The basilica is accessed through the Plaça Santa Maria. The façade towards the square was completed only in 1968. To the left are remains of the Gothic cloister. Behind the façade a narrow courtyard precedes the actual abbey. The building goes back to the 16th century but was destroyed and subsequently altered to such an extent that its original Renaissance features are hardly recognizable. The décor of the dark interior, illuminated only by candle light, is of more recent origin as well. The famous wooden statue La Moreneta is accessed through a small side door to the right. As is to be expected at a site of pilgrimage, this space is always rather crowded.
Montserrat is home to one of the oldest boys’ choirs in Europe. Documents testify to the existence of a music school in Montserrat as far back as the early 14th century. The Escolania now accompanies religious ceremonies in the basilica. All the choir members receive musical training at the highest level, along with an academic education. The choir enjoys international fame, performing in concerts all over the world and recording a vast repertoire. In the course of its history, the school has produced a good number of choirmasters and musicians, as well as well-known composers and teachers. The Escolania also enables some of the monks at Montserrat to work in the field of composing as well as producing and teaching music.
Montserrat library
The production of manuscripts at the monastery has been recorded since the 11th century. In the 12th century Montserrat added its own scriptorium, that became particularly active during the 14th and 15th centuries. The establishment of a printing press by Abbot Cisneros in 1499 was decisive in furthering the Monastery’s cultural mission. The library houses 1’500 manuscripts and 400 incunabula (earliest examples of print, i.e. books printed before the year 1501).The library continued to grow and diversify throughout the 17th and 18th centuries, when its shelves held thousands of books. Unfortunately, many of the library’s greatest treasures were lost when the monastery was destroyed during the Napoleonic Wars in 1811.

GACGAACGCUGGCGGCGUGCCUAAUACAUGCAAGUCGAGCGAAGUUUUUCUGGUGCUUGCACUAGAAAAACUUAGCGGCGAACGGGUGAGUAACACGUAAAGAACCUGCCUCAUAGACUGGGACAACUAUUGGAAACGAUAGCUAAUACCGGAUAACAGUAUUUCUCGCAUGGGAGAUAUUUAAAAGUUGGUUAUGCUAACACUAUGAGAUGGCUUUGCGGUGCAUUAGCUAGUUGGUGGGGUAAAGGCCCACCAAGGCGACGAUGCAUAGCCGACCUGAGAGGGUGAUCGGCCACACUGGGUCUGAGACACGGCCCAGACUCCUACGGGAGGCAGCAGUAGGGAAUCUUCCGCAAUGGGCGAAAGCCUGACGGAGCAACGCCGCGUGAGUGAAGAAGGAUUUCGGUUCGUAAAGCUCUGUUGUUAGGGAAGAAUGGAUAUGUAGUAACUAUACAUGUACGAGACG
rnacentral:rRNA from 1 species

The library as it stands today was founded in the late-19th century and expanded greatly under the guidance of abbot Antoni M. Marcet (1913-1946) when, in just a few years, the library’s holdings increased from 15’000 to around 150’000 volumes. Later, acquisitions ceased as rare volumes became more difficult to come by, first due to the Spanish Civil War and later due to the Second World War. However, over the last few decades, the number of volumes in the library has doubled. Particularly noteworthy are the sections on philosophy, theology, Bible studies, patrology, liturgy, music, and art history. The library also contains excellent sections on general history, particularly mediaeval and European, as well as on the history of Catalonia and the countries of the Crown of Aragón, with an important collection of works devoted to local history and to the Spanish Civil War.
Monserrat Art Museum
The museum houses more than 1300 art objects, organized in various collections, including a collection of Byzantine and Slavic icons, a collection of liturgical objects, a painting collection comprising works from the 13th to the 18th century (including works by El Greco, Caravaggio, Luca Giordano, Tiepolo, etc.), and a  19th and 20th century Painting Collection which boasts some of the finest Catalan paintings. This includes such outstanding names as Fortuny, Rusiñol, Casas, Nonell, Mir, Gimeno, Anglada Camarasa, Picasso, Dalí, etc. French Impressionists are also represented in this section, with works by Monet, Sisley, Degas, Pissarro, etc, as well as drawings by some of the greatest artists of that time, such as Chagall, Braque, Le Corbusier, Rouault, Miró, Dalí, Picasso, Clavé, Tàpies, etc.